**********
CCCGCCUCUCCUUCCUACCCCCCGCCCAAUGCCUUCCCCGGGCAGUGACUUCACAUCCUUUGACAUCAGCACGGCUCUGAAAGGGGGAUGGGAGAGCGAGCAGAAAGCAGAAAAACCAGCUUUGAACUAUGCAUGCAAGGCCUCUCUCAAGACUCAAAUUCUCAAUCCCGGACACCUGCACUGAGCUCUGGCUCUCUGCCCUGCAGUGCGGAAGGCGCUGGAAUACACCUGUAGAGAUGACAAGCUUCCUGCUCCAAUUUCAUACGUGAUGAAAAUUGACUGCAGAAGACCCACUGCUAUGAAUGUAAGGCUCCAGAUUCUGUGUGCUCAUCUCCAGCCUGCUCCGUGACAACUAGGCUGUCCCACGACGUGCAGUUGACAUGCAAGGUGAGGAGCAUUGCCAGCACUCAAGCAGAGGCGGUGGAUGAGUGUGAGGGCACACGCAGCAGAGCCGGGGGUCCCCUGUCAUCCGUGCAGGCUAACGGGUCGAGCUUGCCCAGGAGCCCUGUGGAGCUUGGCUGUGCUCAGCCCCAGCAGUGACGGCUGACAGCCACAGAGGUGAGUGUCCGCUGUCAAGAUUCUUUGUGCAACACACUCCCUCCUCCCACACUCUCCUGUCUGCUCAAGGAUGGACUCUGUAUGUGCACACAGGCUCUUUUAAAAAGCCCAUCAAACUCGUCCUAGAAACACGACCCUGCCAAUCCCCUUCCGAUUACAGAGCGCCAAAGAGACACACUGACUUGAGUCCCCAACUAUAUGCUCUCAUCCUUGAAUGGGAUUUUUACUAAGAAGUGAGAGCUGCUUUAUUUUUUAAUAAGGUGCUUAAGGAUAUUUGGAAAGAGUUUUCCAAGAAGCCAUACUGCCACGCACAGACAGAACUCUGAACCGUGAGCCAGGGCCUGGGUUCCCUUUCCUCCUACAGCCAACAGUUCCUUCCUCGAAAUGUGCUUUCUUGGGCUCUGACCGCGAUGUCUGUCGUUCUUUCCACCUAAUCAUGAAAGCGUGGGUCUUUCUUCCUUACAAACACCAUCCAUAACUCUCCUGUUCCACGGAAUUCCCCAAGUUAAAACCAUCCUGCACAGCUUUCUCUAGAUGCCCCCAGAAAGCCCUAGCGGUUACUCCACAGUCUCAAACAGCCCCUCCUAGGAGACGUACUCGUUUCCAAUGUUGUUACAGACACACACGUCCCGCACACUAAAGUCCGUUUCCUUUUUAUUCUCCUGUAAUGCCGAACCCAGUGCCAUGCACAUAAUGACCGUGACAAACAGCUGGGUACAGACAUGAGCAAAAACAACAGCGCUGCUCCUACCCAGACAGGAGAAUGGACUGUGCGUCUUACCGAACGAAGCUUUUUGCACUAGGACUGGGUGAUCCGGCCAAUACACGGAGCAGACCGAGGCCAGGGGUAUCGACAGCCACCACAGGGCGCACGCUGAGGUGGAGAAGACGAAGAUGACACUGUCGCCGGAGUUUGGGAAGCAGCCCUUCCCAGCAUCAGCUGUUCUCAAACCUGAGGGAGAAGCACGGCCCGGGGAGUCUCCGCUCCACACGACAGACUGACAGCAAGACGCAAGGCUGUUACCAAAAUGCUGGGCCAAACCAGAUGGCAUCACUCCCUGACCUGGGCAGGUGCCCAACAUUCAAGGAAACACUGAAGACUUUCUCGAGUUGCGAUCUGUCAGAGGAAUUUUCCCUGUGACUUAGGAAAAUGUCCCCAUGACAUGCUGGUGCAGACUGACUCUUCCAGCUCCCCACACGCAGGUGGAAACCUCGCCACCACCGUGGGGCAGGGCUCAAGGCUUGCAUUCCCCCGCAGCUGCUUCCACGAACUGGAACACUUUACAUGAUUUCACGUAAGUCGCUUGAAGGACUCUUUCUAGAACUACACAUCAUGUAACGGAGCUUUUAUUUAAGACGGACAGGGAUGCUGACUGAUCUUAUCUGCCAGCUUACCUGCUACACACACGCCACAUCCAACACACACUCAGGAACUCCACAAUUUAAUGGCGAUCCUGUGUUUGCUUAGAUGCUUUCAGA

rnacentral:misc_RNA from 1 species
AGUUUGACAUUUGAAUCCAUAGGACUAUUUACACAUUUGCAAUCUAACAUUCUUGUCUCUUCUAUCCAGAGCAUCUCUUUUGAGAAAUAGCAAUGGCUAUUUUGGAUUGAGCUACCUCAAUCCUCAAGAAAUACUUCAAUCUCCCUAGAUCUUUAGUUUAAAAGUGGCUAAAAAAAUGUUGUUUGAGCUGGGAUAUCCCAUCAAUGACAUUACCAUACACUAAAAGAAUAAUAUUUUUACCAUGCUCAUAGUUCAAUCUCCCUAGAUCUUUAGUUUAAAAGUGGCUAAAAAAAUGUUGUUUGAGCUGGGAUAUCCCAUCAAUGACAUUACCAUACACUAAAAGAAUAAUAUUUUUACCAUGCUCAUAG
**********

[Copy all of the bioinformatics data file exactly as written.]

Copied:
CCCGCCUCUCCUUCCUACCCCCCGCCCAAUGCCUUCCCCGGGCAGUGACUUCACAUCCUUUGACAUCAGCACGGCUCUGAAAGGGGGAUGGGAGAGCGAGCAGAAAGCAGAAAAACCAGCUUUGAACUAUGCAUGCAAGGCCUCUCUCAAGACUCAAAUUCUCAAUCCCGGACACCUGCACUGAGCUCUGGCUCUCUGCCCUGCAGUGCGGAAGGCGCUGGAAUACACCUGUAGAGAUGACAAGCUUCCUGCUCCAAUUUCAUACGUGAUGAAAAUUGACUGCAGAAGACCCACUGCUAUGAAUGUAAGGCUCCAGAUUCUGUGUGCUCAUCUCCAGCCUGCUCCGUGACAACUAGGCUGUCCCACGACGUGCAGUUGACAUGCAAGGUGAGGAGCAUUGCCAGCACUCAAGCAGAGGCGGUGGAUGAGUGUGAGGGCACACGCAGCAGAGCCGGGGGUCCCCUGUCAUCCGUGCAGGCUAACGGGUCGAGCUUGCCCAGGAGCCCUGUGGAGCUUGGCUGUGCUCAGCCCCAGCAGUGACGGCUGACAGCCACAGAGGUGAGUGUCCGCUGUCAAGAUUCUUUGUGCAACACACUCCCUCCUCCCACACUCUCCUGUCUGCUCAAGGAUGGACUCUGUAUGUGCACACAGGCUCUUUUAAAAAGCCCAUCAAACUCGUCCUAGAAACACGACCCUGCCAAUCCCCUUCCGAUUACAGAGCGCCAAAGAGACACACUGACUUGAGUCCCCAACUAUAUGCUCUCAUCCUUGAAUGGGAUUUUUACUAAGAAGUGAGAGCUGCUUUAUUUUUUAAUAAGGUGCUUAAGGAUAUUUGGAAAGAGUUUUCCAAGAAGCCAUACUGCCACGCACAGACAGAACUCUGAACCGUGAGCCAGGGCCUGGGUUCCCUUUCCUCCUACAGCCAACAGUUCCUUCCUCGAAAUGUGCUUUCUUGGGCUCUGACCGCGAUGUCUGUCGUUCUUUCCACCUAAUCAUGAAAGCGUGGGUCUUUCUUCCUUACAAACACCAUCCAUAACUCUCCUGUUCCACGGAAUUCCCCAAGUUAAAACCAUCCUGCACAGCUUUCUCUAGAUGCCCCCAGAAAGCCCUAGCGGUUACUCCACAGUCUCAAACAGCCCCUCCUAGGAGACGUACUCGUUUCCAAUGUUGUUACAGACACACACGUCCCGCACACUAAAGUCCGUUUCCUUUUUAUUCUCCUGUAAUGCCGAACCCAGUGCCAUGCACAUAAUGACCGUGACAAACAGCUGGGUACAGACAUGAGCAAAAACAACAGCGCUGCUCCUACCCAGACAGGAGAAUGGACUGUGCGUCUUACCGAACGAAGCUUUUUGCACUAGGACUGGGUGAUCCGGCCAAUACACGGAGCAGACCGAGGCCAGGGGUAUCGACAGCCACCACAGGGCGCACGCUGAGGUGGAGAAGACGAAGAUGACACUGUCGCCGGAGUUUGGGAAGCAGCCCUUCCCAGCAUCAGCUGUUCUCAAACCUGAGGGAGAAGCACGGCCCGGGGAGUCUCCGCUCCACACGACAGACUGACAGCAAGACGCAAGGCUGUUACCAAAAUGCUGGGCCAAACCAGAUGGCAUCACUCCCUGACCUGGGCAGGUGCCCAACAUUCAAGGAAACACUGAAGACUUUCUCGAGUUGCGAUCUGUCAGAGGAAUUUUCCCUGUGACUUAGGAAAAUGUCCCCAUGACAUGCUGGUGCAGACUGACUCUUCCAGCUCCCCACACGCAGGUGGAAACCUCGCCACCACCGUGGGGCAGGGCUCAAGGCUUGCAUUCCCCCGCAGCUGCUUCCACGAACUGGAACACUUUACAUGAUUUCACGUAAGUCGCUUGAAGGACUCUUUCUAGAACUACACAUCAUGUAACGGAGCUUUUAUUUAAGACGGACAGGGAUGCUGACUGAUCUUAUCUGCCAGCUUACCUGCUACACACACGCCACAUCCAACACACACUCAGGAACUCCACAAUUUAAUGGCGAUCCUGUGUUUGCUUAGAUGCUUUCAGA

rnacentral:misc_RNA from 1 species
AGUUUGACAUUUGAAUCCAUAGGACUAUUUACACAUUUGCAAUCUAACAUUCUUGUCUCUUCUAUCCAGAGCAUCUCUUUUGAGAAAUAGCAAUGGCUAUUUUGGAUUGAGCUACCUCAAUCCUCAAGAAAUACUUCAAUCUCCCUAGAUCUUUAGUUUAAAAGUGGCUAAAAAAAUGUUGUUUGAGCUGGGAUAUCCCAUCAAUGACAUUACCAUACACUAAAAGAAUAAUAUUUUUACCAUGCUCAUAGUUCAAUCUCCCUAGAUCUUUAGUUUAAAAGUGGCUAAAAAAAUGUUGUUUGAGCUGGGAUAUCCCAUCAAUGACAUUACCAUACACUAAAAGAAUAAUAUUUUUACCAUGCUCAUAG